We'll that's good, but the reason those jobs are coming back is because the job can be done as cheaply in this country. It's not a lot of jobs, and it's not the kind of organic growth that made America number one.

I don't think we want to be the low-cost producers in the world?

We want jobs, and the way to get them is to be honest about our economic situation. Then reject the notion that wealth can be taken from one person and given to another. Sure you can take money but not wealth of knowledge, wealth of determination, wealth of pride, nor wealth of appreciation for hard work. You can't instill pride or unlock passion with confiscated wealth. Almost four years of gimmicks and harsh rhetoric have only conspired to bring us to the brink of another summer of panic and worry. It's only because we already have an economy built to last that we will not see a double recession. But how long can we crawl, cheering the news that we can make things cheaper here than China?

The article I read talked about the EBT card. A credit card with funds provided through two programs: The food stamp program and unemployment benefits program. The good news, according to the administration, is we will see more people on food stamps, which will peak in 2014. The bad news is a lot of people are going to go to the local bodega and find their EBT card is empty when they thought there was cash. By the way, the current version of welfare reform, which also puts money on those EBT cards, is called Temporary Assistance for Needy Families created under the Personal Responsibility and Work Opportunity Act of 1996.

This was the major welfare reform signed into law by Bill Clinton.

Raining Down Cash and Benefits

That welfare reform was a major success, forcing people on a path to lifelong welfare and food stamps to get into the workforce.

We've leaded from the numbers that some people will collect benefits even in good economic times if they aren't forced to go to work. You can see that when Bill Clinton signed the law, we had an army of welfare recipients that faded throughout the years, bottoming under George Bush, in 2008. Now, the number is rising fast as is the poverty rate. I think there is a school that believes these people will become so dependent on government checks and benefits that they become beholding to the person that sends them those checks and benefits. Is this the Obama Money so many said was going to come raining down during his administration?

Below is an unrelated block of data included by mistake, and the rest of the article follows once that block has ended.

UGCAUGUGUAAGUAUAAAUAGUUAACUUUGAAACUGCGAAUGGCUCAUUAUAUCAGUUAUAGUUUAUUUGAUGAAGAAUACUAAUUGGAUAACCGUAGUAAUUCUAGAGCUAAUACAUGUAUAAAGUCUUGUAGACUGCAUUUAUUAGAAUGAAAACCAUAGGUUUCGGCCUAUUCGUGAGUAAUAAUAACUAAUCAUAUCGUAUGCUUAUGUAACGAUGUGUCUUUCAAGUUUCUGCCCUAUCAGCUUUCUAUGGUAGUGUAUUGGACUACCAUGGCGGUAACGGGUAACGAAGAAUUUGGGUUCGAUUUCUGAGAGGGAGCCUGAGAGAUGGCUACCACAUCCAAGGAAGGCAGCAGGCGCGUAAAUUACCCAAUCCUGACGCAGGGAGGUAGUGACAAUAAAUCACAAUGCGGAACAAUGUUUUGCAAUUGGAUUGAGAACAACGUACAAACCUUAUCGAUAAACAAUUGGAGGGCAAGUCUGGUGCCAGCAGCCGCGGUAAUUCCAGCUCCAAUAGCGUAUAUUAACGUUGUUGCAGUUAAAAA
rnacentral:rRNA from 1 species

One thing is for sure, it makes it a lot easier to feed from the trough of government funding when you believe and embrace the idea that your opportunities are stolen by a guy that got up at 7AM Sunday morning to study the market and prepare for the week. Back when Clinton was pushed into doing the right thing, there was still a stigma attached to endless welfare and food stamps. The war on poverty created millions of indentured servants to the hands that fed them, relegating good old fashioned values such as hard work and determination to the back of our minds.

Is it too late for Americans out of work for years but still getting paid to reach back into those dark recesses of the mind? Or will they adopt the line of thinking that they are victims, not of circumstances or their own short-comings but of those so damn irresponsible that became American success stories?


Charles Payne

Charles V. Payne is a regular contributor to the Fox Business and Fox News Networks. He is also the Chief Executive Officer and Principle Analyst of Wall Street Strategies, Inc. (WSSI), founded in 1991 which provides subscription analytical services to both individual and institutional investors.